Over the decades, Diwali has become a national festival and regardless of what religion you follow almost everyone in the country enjoys Diwali be it Hindus, Jains, Buddhists or Sikhs. While the festival is celebrated in every part of the country, there are some places that have a historical connection with the festival of lights.
Hindus follow the Diwali customs based upon where they live. In northern India they celebrate the story of Ramayana where Lord Rama returns to Ayodhya after defeating Ravana by lighting rows of clay lamps. On the other hand Southern India celebrates it as the day that Lord Krishna conquered the demon Narakasura. And in western India the festival marks the day that Lord Vishnu, the Preserver sent the demon King Bali to rule the posterior world.
What stays in common is the victory of good over the evil and if you are in India on Diwali you must visit some of the Indian cities with a historical connection with Diwali.
- Ayodhya- Ayodhya is the birth place of Lord Rama and also the place from where the great legend begins. It is an all new experience to watch the magnificent enactment of Ramlila here. There are no religious barriers here in Ayodhya; even the Muslims come forward to participate in Ramlila. And so is Diwali celebrated in the most magnificent way here. The city is lit with lakhs and lakhs of diyas every year. This year the Yogi Adityanath government shall illuminate the city with about 1.75 lakh diyas. Such is the grand celebration of Diwali here.
- Allahabad- As per the Ramayana Ram, Lakshman and Sita lived for a brief period in Prayag now known as Allahabad, a major city in Uttar Pradesh and owing to its connection with the spiritual journey of Lord Rama, Diwali is celebrated with great fervor here. The entire city is lit in lights and the rituals and customs of worshipping Goddess Lakshmi and distributing sweets amongst friends and family are followed with great enthusiasm. The city is spiritually inclined and hence Diwali is a festival that is celebrated in the grandest way here.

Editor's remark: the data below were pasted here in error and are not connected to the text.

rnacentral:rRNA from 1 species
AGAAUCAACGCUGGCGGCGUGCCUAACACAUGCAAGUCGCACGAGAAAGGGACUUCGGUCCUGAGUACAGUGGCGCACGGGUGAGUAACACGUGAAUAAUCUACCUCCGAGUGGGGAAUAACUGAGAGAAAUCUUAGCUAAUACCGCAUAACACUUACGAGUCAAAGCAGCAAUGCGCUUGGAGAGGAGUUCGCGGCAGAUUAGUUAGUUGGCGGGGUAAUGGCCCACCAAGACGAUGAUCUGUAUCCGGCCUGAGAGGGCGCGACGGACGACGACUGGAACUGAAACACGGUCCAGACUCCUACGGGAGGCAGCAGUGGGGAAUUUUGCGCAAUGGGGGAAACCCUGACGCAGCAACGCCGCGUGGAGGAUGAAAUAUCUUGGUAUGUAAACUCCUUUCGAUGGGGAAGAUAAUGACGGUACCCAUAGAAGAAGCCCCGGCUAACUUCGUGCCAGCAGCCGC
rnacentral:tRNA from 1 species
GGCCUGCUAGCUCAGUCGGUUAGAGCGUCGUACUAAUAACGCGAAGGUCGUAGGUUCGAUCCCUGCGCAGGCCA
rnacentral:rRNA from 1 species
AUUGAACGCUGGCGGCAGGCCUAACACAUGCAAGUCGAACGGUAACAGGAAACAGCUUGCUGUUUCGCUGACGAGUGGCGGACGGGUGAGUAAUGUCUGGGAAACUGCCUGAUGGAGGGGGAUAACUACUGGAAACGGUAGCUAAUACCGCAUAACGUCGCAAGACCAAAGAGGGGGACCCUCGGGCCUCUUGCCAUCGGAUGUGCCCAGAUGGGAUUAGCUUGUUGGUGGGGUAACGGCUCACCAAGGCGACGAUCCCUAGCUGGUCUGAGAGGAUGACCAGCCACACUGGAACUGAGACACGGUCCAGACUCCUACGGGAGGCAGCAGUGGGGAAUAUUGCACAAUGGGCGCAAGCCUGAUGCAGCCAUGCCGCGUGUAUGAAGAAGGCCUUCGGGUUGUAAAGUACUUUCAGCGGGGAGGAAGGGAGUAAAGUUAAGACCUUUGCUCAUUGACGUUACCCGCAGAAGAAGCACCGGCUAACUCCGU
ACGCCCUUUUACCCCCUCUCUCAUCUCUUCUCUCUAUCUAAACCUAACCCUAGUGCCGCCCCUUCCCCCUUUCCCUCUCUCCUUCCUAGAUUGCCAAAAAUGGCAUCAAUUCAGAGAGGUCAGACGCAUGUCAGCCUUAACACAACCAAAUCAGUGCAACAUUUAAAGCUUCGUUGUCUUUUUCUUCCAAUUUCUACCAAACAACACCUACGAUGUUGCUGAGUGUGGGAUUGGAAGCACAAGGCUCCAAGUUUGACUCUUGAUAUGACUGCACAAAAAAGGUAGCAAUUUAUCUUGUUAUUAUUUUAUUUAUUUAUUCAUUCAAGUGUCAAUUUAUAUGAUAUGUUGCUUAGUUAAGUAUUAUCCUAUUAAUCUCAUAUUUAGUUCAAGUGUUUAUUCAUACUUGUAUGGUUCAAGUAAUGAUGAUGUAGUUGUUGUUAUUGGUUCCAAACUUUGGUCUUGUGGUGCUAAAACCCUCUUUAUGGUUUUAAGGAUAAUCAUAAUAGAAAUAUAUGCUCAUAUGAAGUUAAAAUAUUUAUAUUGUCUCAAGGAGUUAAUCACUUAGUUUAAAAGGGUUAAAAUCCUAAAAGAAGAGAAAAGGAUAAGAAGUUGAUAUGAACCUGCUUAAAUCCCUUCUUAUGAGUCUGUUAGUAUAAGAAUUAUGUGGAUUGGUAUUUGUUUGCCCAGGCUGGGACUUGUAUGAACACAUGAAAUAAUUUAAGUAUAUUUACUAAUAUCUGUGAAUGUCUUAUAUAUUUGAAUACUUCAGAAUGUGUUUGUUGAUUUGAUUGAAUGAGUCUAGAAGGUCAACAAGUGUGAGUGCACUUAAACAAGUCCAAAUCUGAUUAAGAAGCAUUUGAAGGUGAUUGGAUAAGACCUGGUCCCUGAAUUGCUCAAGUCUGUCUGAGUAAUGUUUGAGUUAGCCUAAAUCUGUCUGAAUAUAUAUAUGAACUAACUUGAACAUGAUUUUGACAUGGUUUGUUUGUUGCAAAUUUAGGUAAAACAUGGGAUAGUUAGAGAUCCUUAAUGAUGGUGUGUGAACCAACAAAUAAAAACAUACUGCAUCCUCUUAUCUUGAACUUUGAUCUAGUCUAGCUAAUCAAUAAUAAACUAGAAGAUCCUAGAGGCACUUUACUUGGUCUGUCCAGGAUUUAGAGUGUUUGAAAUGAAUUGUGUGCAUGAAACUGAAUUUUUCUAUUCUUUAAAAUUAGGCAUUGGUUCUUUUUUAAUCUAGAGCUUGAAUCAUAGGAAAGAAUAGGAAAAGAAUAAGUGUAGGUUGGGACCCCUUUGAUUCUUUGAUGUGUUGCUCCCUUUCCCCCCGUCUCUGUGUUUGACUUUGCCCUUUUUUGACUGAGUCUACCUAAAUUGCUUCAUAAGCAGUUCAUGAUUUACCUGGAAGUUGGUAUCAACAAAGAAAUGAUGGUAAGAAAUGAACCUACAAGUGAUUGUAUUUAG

- Panchavati- This is the place where Lord Ram, Lakshman and Sita traveled to after they left Chitrakoot. Panchavati means a garden of five banyan trees. Ramakund located in Panchvati was the place where Lord Ram used to bath while staying at Panchavati. Today, Panchavati is a part of Nashik district of Maharashtra. Kalaram temple that houses black idols of Rama, Sita and Lakshman is also located in Panchavati.
- Kishkindha- Kishkindha is located in Hampi, Karnataka. After Goddess Sita was abducted by Ravana, Lord Ram and Lakshman moved in her search and reached Kishkindha, the kingdom of Bali and Sugriva as per the Ramayana. They both entered into a pact. While Rama helped Sugriva get his kingdom back, Sugriva promised to help find Sita. On their way they met a woman called Sabari who was relieved from the materialistic life after she met Lord Rama and the forest began be known as Sabari Mala, the forest of Sabari.
- Rameshwaram – Rameshwaram is located in the South Indian state of Tamil Nadu. Rameshwaram is the very place from where the bridge to cross over to Lanka was constructed to reach up to Sri Lanka from stones that had Ram written on them. The reason why they could float on water. Before constructing this magical bridge Ram prayed to Lord Shiva for seeking his blessings. Lord Ram also sought pardon from Lord Shiva for killing a brahmin i.e. Ravan.
- Lepakshi- This place is in the modern Andhra Pradesh. This is the same place where Sita was held captive by Ravana. Jatayu, a bird tried to stop Ravana after he kidnapped Sita. Ravana in order to avoid the struggle cut off his wings and Jatayu fell at the place which is now called Lepakshi. Le Pakshi means “rise bird”. Lepakshi is also the same place where Jatayu’s last rites were performed.